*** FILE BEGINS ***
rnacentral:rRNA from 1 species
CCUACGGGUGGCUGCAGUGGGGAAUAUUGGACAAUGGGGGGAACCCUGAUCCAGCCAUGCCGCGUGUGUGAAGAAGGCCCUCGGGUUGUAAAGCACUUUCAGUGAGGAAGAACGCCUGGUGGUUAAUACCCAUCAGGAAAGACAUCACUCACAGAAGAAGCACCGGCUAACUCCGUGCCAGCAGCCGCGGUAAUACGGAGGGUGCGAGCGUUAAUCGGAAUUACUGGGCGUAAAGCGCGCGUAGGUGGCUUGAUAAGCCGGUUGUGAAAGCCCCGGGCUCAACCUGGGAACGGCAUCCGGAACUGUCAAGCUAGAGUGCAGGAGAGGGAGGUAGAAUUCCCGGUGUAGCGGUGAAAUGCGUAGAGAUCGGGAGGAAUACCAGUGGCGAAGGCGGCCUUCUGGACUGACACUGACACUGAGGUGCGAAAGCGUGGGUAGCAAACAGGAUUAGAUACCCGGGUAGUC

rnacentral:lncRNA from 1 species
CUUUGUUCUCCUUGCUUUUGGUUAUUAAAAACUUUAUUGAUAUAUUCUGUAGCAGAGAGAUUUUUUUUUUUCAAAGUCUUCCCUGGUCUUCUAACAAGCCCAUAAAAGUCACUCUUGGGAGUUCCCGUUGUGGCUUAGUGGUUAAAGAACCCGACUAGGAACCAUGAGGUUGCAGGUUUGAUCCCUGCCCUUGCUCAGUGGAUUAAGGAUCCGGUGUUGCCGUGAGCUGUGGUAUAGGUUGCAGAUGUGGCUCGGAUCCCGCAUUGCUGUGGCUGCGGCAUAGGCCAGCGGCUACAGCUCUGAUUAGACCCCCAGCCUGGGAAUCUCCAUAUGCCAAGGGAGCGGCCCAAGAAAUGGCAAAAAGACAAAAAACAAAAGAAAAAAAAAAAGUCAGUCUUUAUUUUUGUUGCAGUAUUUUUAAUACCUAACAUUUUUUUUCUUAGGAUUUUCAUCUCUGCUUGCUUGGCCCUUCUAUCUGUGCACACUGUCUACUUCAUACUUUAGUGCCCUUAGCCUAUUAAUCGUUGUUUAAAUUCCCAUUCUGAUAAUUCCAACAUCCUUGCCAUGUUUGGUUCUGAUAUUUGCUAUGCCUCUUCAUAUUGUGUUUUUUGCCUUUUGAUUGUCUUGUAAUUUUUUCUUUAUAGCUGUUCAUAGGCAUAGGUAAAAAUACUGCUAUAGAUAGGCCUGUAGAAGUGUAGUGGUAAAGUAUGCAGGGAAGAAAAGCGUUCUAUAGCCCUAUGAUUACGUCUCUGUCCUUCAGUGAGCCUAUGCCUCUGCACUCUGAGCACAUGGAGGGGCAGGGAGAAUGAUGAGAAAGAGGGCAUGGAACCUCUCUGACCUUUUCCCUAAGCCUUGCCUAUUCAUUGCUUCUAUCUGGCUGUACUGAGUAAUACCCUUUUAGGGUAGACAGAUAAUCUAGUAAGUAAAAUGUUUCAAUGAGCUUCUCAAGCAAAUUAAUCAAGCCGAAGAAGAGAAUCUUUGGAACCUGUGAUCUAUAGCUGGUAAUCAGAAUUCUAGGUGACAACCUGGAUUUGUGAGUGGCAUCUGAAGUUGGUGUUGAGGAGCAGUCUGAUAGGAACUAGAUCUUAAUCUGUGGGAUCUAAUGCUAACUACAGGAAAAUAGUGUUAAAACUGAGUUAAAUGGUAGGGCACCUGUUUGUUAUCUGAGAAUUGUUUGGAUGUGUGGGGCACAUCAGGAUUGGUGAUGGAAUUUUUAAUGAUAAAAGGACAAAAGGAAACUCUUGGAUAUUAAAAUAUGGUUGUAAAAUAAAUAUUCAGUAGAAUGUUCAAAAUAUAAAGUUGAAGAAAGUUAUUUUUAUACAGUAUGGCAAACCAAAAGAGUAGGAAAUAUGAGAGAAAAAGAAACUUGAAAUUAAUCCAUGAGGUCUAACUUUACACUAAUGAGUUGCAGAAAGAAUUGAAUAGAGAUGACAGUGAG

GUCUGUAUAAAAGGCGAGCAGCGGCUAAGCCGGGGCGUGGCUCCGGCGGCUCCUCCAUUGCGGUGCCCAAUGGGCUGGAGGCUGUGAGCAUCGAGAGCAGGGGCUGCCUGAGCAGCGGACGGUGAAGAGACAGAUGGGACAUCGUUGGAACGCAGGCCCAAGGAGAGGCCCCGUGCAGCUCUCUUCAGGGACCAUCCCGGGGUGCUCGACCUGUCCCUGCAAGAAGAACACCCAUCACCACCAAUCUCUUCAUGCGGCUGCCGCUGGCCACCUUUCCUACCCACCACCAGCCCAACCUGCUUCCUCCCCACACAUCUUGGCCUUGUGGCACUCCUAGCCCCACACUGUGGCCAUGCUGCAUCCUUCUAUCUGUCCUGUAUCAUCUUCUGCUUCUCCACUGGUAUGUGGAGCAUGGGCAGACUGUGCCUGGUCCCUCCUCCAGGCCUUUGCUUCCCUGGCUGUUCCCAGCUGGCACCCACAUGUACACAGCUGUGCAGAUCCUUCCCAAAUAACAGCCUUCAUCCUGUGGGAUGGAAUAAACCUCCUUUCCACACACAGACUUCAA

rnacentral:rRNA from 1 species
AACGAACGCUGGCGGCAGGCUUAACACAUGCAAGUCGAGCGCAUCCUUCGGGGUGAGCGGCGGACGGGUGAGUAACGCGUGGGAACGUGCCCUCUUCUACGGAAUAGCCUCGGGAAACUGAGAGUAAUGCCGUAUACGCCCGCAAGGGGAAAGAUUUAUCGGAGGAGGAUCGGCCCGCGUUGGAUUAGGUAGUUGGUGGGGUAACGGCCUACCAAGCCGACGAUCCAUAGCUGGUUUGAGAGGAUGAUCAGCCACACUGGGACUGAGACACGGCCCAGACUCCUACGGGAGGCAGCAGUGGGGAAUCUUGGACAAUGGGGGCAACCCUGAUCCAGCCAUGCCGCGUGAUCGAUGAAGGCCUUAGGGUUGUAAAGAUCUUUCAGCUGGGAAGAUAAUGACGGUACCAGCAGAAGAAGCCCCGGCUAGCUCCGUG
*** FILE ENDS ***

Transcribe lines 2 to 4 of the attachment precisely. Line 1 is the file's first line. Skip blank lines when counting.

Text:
CCUACGGGUGGCUGCAGUGGGGAAUAUUGGACAAUGGGGGGAACCCUGAUCCAGCCAUGCCGCGUGUGUGAAGAAGGCCCUCGGGUUGUAAAGCACUUUCAGUGAGGAAGAACGCCUGGUGGUUAAUACCCAUCAGGAAAGACAUCACUCACAGAAGAAGCACCGGCUAACUCCGUGCCAGCAGCCGCGGUAAUACGGAGGGUGCGAGCGUUAAUCGGAAUUACUGGGCGUAAAGCGCGCGUAGGUGGCUUGAUAAGCCGGUUGUGAAAGCCCCGGGCUCAACCUGGGAACGGCAUCCGGAACUGUCAAGCUAGAGUGCAGGAGAGGGAGGUAGAAUUCCCGGUGUAGCGGUGAAAUGCGUAGAGAUCGGGAGGAAUACCAGUGGCGAAGGCGGCCUUCUGGACUGACACUGACACUGAGGUGCGAAAGCGUGGGUAGCAAACAGGAUUAGAUACCCGGGUAGUC

rnacentral:lncRNA from 1 species
CUUUGUUCUCCUUGCUUUUGGUUAUUAAAAACUUUAUUGAUAUAUUCUGUAGCAGAGAGAUUUUUUUUUUUCAAAGUCUUCCCUGGUCUUCUAACAAGCCCAUAAAAGUCACUCUUGGGAGUUCCCGUUGUGGCUUAGUGGUUAAAGAACCCGACUAGGAACCAUGAGGUUGCAGGUUUGAUCCCUGCCCUUGCUCAGUGGAUUAAGGAUCCGGUGUUGCCGUGAGCUGUGGUAUAGGUUGCAGAUGUGGCUCGGAUCCCGCAUUGCUGUGGCUGCGGCAUAGGCCAGCGGCUACAGCUCUGAUUAGACCCCCAGCCUGGGAAUCUCCAUAUGCCAAGGGAGCGGCCCAAGAAAUGGCAAAAAGACAAAAAACAAAAGAAAAAAAAAAAGUCAGUCUUUAUUUUUGUUGCAGUAUUUUUAAUACCUAACAUUUUUUUUCUUAGGAUUUUCAUCUCUGCUUGCUUGGCCCUUCUAUCUGUGCACACUGUCUACUUCAUACUUUAGUGCCCUUAGCCUAUUAAUCGUUGUUUAAAUUCCCAUUCUGAUAAUUCCAACAUCCUUGCCAUGUUUGGUUCUGAUAUUUGCUAUGCCUCUUCAUAUUGUGUUUUUUGCCUUUUGAUUGUCUUGUAAUUUUUUCUUUAUAGCUGUUCAUAGGCAUAGGUAAAAAUACUGCUAUAGAUAGGCCUGUAGAAGUGUAGUGGUAAAGUAUGCAGGGAAGAAAAGCGUUCUAUAGCCCUAUGAUUACGUCUCUGUCCUUCAGUGAGCCUAUGCCUCUGCACUCUGAGCACAUGGAGGGGCAGGGAGAAUGAUGAGAAAGAGGGCAUGGAACCUCUCUGACCUUUUCCCUAAGCCUUGCCUAUUCAUUGCUUCUAUCUGGCUGUACUGAGUAAUACCCUUUUAGGGUAGACAGAUAAUCUAGUAAGUAAAAUGUUUCAAUGAGCUUCUCAAGCAAAUUAAUCAAGCCGAAGAAGAGAAUCUUUGGAACCUGUGAUCUAUAGCUGGUAAUCAGAAUUCUAGGUGACAACCUGGAUUUGUGAGUGGCAUCUGAAGUUGGUGUUGAGGAGCAGUCUGAUAGGAACUAGAUCUUAAUCUGUGGGAUCUAAUGCUAACUACAGGAAAAUAGUGUUAAAACUGAGUUAAAUGGUAGGGCACCUGUUUGUUAUCUGAGAAUUGUUUGGAUGUGUGGGGCACAUCAGGAUUGGUGAUGGAAUUUUUAAUGAUAAAAGGACAAAAGGAAACUCUUGGAUAUUAAAAUAUGGUUGUAAAAUAAAUAUUCAGUAGAAUGUUCAAAAUAUAAAGUUGAAGAAAGUUAUUUUUAUACAGUAUGGCAAACCAAAAGAGUAGGAAAUAUGAGAGAAAAAGAAACUUGAAAUUAAUCCAUGAGGUCUAACUUUACACUAAUGAGUUGCAGAAAGAAUUGAAUAGAGAUGACAGUGAG